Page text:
Sunday, July 19, 2015

On reading the Mishnah

Since I regularly teach a course on Second Temple Judaism, it has always bothered me that I have spent so little time in Rabbinic literature. Sometimes warning about the danger of anachronism--taking evidence from texts written in the 3rd century and beyond, and reading it back into the first century without further ado--has felt like an excuse to justify my own general lack of first-hand familiarity with a very difficult group of primary sources. Despite the potential for abuse, Rabbinic literature remains important both for the light it sheds on the Second Temple period and, perhaps more important, on how that period has been undersood.

So one day last fall I put together a (partial) schedule to ease me into the Mishnah, the earliest major rabbinic text (usually dated to ca. 200 CE). The schedule worked out to about 15-20 minutes a night, five days a week for reading and notes.

Twenty-seven hours and forty-five minutes later, I came to the Mishnah's final sentence:
R. Simeon b. Halafta said: The Holy One, blessed is he, found no vessel that could hold Israel's blessing excepting Peace, for it is written, The Lord will give strength unto his people; the Lord will bless his people in peace (Ps 29:11). (Uktzin 3.12)

I knew from past experience that reading a primary source leaves an invaluable lasting impression even if many of the details fade away, so I did not try to master all the ins and outs of legal argument. More often than not, the notes I jotted down were incidental to a passage's main discussion: I was struck, for example, by the number of references to androgynous people and animals; and I noted comments that reminded me of passages in the Gospels, or of issues, such as Gentiles and the purity laws, that loom large in the interpretation of the New Testament. Though much of it is very foreign, I found that I could count on at least one good chuckle each time I read--not at the rabbis' expense (I was reading to experience not to criticize), but because there is humour in the text. Here is one example from Makshirin, a tractate that determines what "if water be put on..." in Lev 11:38 refers to:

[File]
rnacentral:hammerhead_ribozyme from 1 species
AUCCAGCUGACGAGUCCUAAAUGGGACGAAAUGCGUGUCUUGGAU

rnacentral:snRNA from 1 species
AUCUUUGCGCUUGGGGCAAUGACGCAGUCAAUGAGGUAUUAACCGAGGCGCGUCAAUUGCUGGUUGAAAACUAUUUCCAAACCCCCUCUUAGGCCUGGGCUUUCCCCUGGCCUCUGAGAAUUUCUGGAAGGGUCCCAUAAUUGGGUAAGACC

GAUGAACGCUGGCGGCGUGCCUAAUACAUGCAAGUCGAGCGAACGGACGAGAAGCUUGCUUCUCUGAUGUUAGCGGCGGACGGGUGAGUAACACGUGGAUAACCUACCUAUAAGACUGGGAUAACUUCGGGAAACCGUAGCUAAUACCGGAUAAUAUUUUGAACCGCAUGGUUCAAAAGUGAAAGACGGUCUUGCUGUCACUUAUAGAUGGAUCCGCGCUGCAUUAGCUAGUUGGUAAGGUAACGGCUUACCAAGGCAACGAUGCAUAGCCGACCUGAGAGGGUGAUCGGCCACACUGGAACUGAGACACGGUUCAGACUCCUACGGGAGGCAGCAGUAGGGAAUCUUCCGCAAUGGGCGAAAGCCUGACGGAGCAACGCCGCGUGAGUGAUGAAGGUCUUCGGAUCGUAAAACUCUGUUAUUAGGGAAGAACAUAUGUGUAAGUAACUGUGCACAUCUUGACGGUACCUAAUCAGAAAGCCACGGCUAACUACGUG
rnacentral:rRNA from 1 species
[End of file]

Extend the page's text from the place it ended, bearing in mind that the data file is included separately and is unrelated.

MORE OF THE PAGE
"If a man took his wheat to the miller and rain fell on it and he rejoiced therat, the law If water be put on applies to it. R. Judah says: It is impossible that he should not rejoice; but, rather, the law applies only if he stood still. If his olives were put out on the roof and rain fell on them and he rejoiced thereat, the law If water be put on applies. R. Judah says: It is impossible that he should not rejoice; but, rather, the law applies only if he stopped up the water-spout or soaked the olives in the rain." (Makshirin 3.5-6)

The point seems to be that intention matters: If you rejoice it may be because you are trying to find a loop-hole in the law. Except that no one can help rejoicing when rain falls on a thirsty land. Indeed.

Reading Notes:
  • I read through Herbert Danby's translation of the Mishnah. I recommend it over the translation published by Jacob Neusner.
  • I don't recommend launching into the Mishnah without first working through some of the chapters in Barry W. Holtz's edited volume, Back to the Sources: Reading the Classic Jewish Texts (New York: Simon & Schuster, 1992).


Charles said...

Which chapters in Holtz would you recommend as most helpful?

d. miller said...

Hi Charles, I was thinking primarily of chapter two by Robert Goldenberg on the Talmud. It is really brilliant.

Unknown said...

Did you know that besides the Mishnah and the Talmud, Judaism also has the Tosefta?

The Tosefta is a primary work of classic rabbinic Jewish literature, dating from the late 2nd century. It acts as a supplement to the Mishnah ( משנה) , the basic compilation of the Oral law of Judaism. According to the tradition, the Tosefta was compiled in 189 CE.

It closely corresponds to the Mishnah, with the same divisions for sedarim (“orders”) and masekhot (“tractates”). It is mainly written in Mishnaic Hebrew, with some Aramaic.

However, when it quotes the Mishnah, it doesn't match the text of the Mishnah that we have today. So what does this tell us about the Mishnah that we have, and how it connects to other works of rabbinic Judaism?